Jim, Tom, and Joe study Computer Science together in college. After graduation, the friends part ways and go to work at three different tech companies. The companies vary in size, business segment, mission, and technology stack. Nonetheless, on the first day of work, each receives the same assignment: he’ll be developing an integration testing suite that will be run against a critical software product.
It’s not that the software has gone untested or that any of the organizations exclusively employ cowboy coders. Each codebase is supported by thousands of unit tests as a first line of defense. Major changes are subject to code review. Release candidates are able to be evaluated by select groups of end users before being, well, released. At the heart of the testing suite exists a battery of rigorous tests that have been developed over the years to catch bugs that are out of the scope of unit tests and too tedious to have end-users with different goals evaluate. In other words, integration tests. There’s one catch–the tests are being carried out manually.
These manual tests constitute the single biggest bottleneck to each company’s release pipeline. As the software product has grown, the cost of manual testing per release cycle–in paid software developer hours–can be measured in the thousands of dollars. And humans are imperfect. There have been tests wrongly executed to the detriment of each firm. At Jim’s company, a startup social network, consumer data was exposed. Now the company is facing legal action. Tom’s employer–a financial firm–suffered a direct financial loss due to a flaw in logic in an algorithm. Joe works at a SaaS business. There was a prolonged outage and some customers are demanding refunds and switching to competitors.
What all three companies have in common is a desperate need to automate integration tests and automate them well. Across different business functions, the hurdle is clear–writing integration tests is hard, imperfect, and, frankly, exhausting. Integration tests are living, breathing things and must be afforded tender loving care to be effective.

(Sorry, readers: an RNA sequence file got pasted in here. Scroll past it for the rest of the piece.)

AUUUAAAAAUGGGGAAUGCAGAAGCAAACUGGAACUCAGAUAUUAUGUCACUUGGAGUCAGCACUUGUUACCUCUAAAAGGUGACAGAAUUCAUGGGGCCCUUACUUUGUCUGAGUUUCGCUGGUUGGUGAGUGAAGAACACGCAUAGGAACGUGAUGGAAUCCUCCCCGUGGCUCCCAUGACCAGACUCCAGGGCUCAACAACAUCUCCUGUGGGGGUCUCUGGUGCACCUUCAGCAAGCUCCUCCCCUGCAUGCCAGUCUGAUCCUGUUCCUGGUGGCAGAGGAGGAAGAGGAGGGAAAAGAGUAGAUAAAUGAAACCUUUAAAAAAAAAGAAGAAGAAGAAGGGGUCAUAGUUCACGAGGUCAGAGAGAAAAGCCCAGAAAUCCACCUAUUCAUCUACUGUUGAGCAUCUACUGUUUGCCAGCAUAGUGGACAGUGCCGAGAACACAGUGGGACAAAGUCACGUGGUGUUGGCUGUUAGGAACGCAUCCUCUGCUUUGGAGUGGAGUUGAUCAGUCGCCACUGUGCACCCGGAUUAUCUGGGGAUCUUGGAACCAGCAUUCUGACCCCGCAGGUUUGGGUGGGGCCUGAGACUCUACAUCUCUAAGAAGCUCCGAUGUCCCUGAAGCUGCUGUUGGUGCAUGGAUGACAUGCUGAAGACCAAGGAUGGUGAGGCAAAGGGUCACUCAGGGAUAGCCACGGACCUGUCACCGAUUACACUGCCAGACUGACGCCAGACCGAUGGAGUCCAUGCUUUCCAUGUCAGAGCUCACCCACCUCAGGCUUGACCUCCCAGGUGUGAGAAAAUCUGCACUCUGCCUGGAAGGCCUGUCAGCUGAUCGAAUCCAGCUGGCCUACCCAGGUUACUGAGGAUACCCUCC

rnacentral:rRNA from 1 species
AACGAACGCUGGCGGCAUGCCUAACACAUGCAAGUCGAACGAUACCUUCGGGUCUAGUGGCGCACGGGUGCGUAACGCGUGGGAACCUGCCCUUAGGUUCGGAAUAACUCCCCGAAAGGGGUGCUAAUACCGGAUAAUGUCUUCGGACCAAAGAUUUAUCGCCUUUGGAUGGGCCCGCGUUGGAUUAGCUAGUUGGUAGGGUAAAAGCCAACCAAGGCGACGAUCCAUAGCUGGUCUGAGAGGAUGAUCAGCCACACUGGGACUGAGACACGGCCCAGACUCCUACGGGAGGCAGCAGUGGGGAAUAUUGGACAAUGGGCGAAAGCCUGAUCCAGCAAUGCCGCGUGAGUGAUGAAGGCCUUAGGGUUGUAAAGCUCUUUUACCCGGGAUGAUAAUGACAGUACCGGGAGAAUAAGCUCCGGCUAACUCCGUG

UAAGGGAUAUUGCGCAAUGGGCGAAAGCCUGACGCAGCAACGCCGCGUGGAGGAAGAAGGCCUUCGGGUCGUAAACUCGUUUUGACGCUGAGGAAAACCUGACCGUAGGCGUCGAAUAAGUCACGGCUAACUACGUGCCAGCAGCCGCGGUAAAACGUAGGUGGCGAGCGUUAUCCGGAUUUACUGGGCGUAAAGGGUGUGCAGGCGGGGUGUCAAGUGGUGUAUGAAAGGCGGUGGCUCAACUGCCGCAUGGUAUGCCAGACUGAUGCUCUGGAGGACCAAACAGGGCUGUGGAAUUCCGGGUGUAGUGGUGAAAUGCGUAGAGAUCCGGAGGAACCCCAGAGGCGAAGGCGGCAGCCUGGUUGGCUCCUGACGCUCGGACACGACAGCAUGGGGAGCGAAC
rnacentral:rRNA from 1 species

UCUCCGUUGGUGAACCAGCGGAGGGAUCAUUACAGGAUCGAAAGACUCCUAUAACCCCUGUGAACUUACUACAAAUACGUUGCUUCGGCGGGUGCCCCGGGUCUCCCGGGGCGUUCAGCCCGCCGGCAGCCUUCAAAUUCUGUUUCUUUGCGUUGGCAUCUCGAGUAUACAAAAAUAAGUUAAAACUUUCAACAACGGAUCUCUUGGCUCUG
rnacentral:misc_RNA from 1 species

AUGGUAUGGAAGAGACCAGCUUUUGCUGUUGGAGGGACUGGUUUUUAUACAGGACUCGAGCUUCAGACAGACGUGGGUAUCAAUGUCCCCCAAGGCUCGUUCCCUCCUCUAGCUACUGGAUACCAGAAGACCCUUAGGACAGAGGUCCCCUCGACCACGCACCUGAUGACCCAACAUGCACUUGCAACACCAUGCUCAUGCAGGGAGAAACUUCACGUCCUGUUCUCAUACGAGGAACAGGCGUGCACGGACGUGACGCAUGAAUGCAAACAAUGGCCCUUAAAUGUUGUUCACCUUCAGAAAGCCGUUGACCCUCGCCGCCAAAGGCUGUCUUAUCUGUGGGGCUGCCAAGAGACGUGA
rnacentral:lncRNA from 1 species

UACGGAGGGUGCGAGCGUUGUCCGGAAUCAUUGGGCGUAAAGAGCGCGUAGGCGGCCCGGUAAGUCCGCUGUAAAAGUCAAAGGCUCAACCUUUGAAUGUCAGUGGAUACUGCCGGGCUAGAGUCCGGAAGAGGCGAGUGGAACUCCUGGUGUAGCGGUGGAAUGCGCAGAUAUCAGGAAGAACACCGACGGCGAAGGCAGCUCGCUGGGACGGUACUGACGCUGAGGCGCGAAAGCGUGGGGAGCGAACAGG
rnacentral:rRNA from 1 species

The three begin clocking long hours while attempting to understand the scope of the tests while researching–or building–tools that can potentially be utilized to interface with the underlying system and test each component in a production-like environment. The only thing making this project even remotely approachable for one person is that the test assertions can be translated almost exactly from the manual plan. But that proves to be the hard part.
After just a month, Jim has completed his testing suite. He utilized as many 3rd party tools as he could and then used as many open source packages on top of those as he could. His code, while creating many new black boxes, is clean and efficient. The cost savings to the business are enormous and Jim’s boss is impressed. He immediately awards him another high-visibility project.
Tom takes ten weeks. Most 3rd party solutions didn’t apply to his use case and had to create his own libraries to help interface with the code. As he started missing project deliverable deadlines, he took a few shortcuts and didn’t spend time refactoring his code or writing good documentation. But the tests work and release velocity is increased substantially for the cycle following rollout. Tom’s boss is happy and pegs him as a high performer.